Parents, beware the dangers of e-learning platforms in Nigeria
Michael Irene is a data and information governance practitioner based in London, United Kingdom. He is also a Fellow of Higher Education Academy, UK, and can be reached via email@example.com; twitter: @moshoke
May 4, 20201.2K views0 comments
E-learning revolutionised the way teaching and learning is done. It depends on computer-based technologies—laptops, the internet, etc for execution. Yet, these technologies come with risks. Nigerina schools rarely put these risks into consideration before creating their online platforms. They have not researched properly to discover best practices for e-learning especially when teaching students between the ages of 11—17.
In this article, I focus on the recent increase of Nigerian schools who have taken their services online. I pose the question: are these new pedagogical frameworks free from privacy risks?
It’s good that Nigerian schools are looking for avenues to teach their students. However, it seems these schools are focused on course development and delivery with no consideration of privacy and security. Some private schools in Nigeria sent letters to parents informing them about their new e-learning portal. Certain things must be considered by these schools.
First, the principle of accountability plays a vital role. The school must declare that have a robust technical and organisational measure in place to protect students’ information. Also, they must have the right tools to provide confidentiality, protect data integrity, and make data available when required.
From my findings, most Nigerian private schools are not seeking appropriate consent from parents. Certain keywords must be used in the consent forms for parents and parents must positively opt-in before they allow their children into these virtual classrooms. Many schools don’t have the required consent to run these virtual classrooms. Parents, too, should be asking the right questions: Is the class recorded? Will these recorded classes be shared with third parties?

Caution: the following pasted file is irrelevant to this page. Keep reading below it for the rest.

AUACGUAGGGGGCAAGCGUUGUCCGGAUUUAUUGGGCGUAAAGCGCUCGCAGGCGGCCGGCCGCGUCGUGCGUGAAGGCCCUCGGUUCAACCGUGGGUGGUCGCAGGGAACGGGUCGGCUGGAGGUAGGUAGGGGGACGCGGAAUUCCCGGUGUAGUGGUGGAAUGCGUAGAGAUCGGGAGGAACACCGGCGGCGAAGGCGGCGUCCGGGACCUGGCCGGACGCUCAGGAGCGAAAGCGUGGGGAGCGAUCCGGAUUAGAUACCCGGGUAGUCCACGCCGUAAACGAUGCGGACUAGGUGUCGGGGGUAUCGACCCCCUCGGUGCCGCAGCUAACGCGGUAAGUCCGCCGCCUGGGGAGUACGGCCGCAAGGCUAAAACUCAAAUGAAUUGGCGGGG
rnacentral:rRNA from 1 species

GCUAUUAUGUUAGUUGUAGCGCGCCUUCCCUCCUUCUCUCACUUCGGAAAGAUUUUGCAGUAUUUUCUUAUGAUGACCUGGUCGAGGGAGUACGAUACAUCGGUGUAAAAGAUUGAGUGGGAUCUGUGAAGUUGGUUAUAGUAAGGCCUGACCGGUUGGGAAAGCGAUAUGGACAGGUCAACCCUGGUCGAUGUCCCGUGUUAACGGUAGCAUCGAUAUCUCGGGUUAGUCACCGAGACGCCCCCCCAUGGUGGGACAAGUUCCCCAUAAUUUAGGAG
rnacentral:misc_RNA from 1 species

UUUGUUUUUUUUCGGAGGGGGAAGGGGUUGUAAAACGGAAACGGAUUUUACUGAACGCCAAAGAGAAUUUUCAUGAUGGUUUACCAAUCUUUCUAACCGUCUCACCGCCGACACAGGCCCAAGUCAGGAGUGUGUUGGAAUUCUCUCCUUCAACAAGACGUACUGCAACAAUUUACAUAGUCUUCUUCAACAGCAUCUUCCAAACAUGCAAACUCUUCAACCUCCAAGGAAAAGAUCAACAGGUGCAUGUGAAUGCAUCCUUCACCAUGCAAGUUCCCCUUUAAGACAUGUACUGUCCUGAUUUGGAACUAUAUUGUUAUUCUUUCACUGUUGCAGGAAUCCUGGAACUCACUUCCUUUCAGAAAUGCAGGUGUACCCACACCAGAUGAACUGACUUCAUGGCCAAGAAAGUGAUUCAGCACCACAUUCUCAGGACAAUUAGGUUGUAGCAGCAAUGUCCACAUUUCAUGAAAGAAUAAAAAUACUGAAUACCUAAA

Another key thing is the school’s system must keep logs of its data collection so that it can prove that it is complying with the Nigerian Data Protection Laws. Also, the school must identify how it will store the information fairly and lawfully.
Schools must ensure that their retention policies and procedures are clear. They must be able to prove that the recorded learning will be kept for a particular period and deleted on set dates.
One of the cornerstones of any online institution is security safeguards such as authentication, encryption, and protection of data integrity (guarding against data corruption by attackers). Without this, schools expose students and parents to danger. Schools must vet those who have access to these virtual environments? What kind of training does the staff have?
What about the networks? Does the school carry out teaching through a secure internet network? Virtual private networks may seem strong, however, some passive attack techniques can reveal sensitive information about the participating communicators. Have they carried out the right penetration and intrusion testing on their systems?
Now is the time, for schools to provide their policies and practices relating to the management of personal information and provide links to this information. There should be a set of policies for school administrators, teachers, and parents. These policies would be beneficial for the schools and the parents and most importantly, for the protection of students.
We understand the importance of learning during the lockdown but schools should take appropriate measures to ensure that their virtual environments are safe for children. Parents too, on their part, need to carry out their due-diligence before exposing their children to these fast online environments springing up in these dire times.
I have examined that most private schools treat privacy in their online environments superficially and this is bad. They must build an online architectural framework that adheres to privacy principles before rushing students into these virtual classrooms.